"A friend of mine says that when record-company executives come to Iceland, they ask the bands if they believe in elves, and whoever says yes gets signed up."

    Yet even Bjork cannot say no for sure.

    "We think nature is a lot stronger than man," she said in another interview, when the Elf Question came up.

    "A relationship with things spiritual has not gone away."

    A belief not just in elves but also in the predictive power of dreams, in the potency of dead spirits and in other supernatural phenomena, is closely linked to Iceland's Celtic traditions and punishing, powerful landscape - especially the harsh weather and the rocks that appear everywhere.

    "If there was a large stone in the garden, and somebody said to an Icelander, 'That's an elf stone,' would they blow it up? They wouldn't," said Terry Gunnell, head of the folkloristic department at the University of Iceland in Reykjavik.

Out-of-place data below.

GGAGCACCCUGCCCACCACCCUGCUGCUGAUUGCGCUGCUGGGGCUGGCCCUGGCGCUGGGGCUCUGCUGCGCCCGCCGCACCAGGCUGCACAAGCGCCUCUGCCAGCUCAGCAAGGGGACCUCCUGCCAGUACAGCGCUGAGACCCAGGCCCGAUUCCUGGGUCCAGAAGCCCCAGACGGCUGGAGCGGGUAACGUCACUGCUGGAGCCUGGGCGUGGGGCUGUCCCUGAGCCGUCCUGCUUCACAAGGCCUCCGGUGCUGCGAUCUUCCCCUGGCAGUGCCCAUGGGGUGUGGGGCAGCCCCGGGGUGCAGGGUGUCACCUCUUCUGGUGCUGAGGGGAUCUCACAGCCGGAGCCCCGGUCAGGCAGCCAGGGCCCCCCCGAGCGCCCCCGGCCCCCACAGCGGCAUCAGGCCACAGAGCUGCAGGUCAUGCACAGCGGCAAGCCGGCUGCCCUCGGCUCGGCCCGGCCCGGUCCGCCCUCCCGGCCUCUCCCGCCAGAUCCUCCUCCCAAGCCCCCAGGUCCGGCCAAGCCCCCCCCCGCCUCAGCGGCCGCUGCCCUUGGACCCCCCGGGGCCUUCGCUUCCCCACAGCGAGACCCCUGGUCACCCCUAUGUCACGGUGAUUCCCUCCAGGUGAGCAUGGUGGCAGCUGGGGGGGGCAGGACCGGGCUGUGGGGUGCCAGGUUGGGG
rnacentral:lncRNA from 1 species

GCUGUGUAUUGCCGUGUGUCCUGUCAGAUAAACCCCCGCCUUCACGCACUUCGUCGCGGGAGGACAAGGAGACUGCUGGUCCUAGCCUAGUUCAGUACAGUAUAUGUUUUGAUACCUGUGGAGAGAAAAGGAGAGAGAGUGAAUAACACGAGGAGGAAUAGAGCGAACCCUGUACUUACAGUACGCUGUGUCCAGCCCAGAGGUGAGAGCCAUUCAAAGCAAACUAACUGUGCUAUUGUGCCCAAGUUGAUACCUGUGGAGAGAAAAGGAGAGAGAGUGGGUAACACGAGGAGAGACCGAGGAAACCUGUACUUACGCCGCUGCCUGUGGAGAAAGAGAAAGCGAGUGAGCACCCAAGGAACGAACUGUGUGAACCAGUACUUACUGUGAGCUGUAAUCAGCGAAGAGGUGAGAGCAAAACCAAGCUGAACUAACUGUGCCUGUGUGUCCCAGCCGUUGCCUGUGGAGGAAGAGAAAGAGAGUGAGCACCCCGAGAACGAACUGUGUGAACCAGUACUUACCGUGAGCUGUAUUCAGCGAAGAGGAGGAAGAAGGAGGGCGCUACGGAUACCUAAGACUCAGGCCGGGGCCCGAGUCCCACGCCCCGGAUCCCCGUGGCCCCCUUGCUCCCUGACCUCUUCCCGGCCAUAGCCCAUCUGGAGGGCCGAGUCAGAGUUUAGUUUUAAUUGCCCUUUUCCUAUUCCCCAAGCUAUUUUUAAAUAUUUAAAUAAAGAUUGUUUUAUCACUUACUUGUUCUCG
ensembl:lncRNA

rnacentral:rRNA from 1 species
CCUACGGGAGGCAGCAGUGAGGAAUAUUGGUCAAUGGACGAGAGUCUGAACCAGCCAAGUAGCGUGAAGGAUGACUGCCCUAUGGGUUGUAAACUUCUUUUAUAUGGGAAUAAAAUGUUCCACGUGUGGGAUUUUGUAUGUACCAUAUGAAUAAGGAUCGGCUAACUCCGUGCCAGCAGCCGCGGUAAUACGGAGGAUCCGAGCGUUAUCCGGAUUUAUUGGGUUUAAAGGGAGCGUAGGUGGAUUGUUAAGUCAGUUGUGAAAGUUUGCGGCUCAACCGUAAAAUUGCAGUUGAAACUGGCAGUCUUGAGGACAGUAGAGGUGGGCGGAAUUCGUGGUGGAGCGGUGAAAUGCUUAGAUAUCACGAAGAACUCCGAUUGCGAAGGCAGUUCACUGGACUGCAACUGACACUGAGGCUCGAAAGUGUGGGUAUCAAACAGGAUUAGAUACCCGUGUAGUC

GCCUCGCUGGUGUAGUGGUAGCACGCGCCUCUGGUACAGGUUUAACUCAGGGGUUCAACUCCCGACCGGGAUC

"It's not like they think there are little people living in there who come and dance outside," he added.

    "It's more a sense that there are other powers, other forces around them."

    This town, a port on the outskirts of Reykjavik, prides itself on its unusually high elf population.

    Tourists are invited to tour the known elf locations, including a large rock whose reputation as an elf habitat meant that a nearby road was diverted some years ago so as not to disturb its unseen residents.

    Elly Erlingsdottir, head of the town council's planning committee, said that made sense to her.

    Recently, she said, some elves borrowed her kitchen scissors, only to return them a week later to a place she had repeatedly searched.

    "My philosophy is, you don't have to see everything you believe in," she said, "because many of your greatest experiences happen with closed eyes."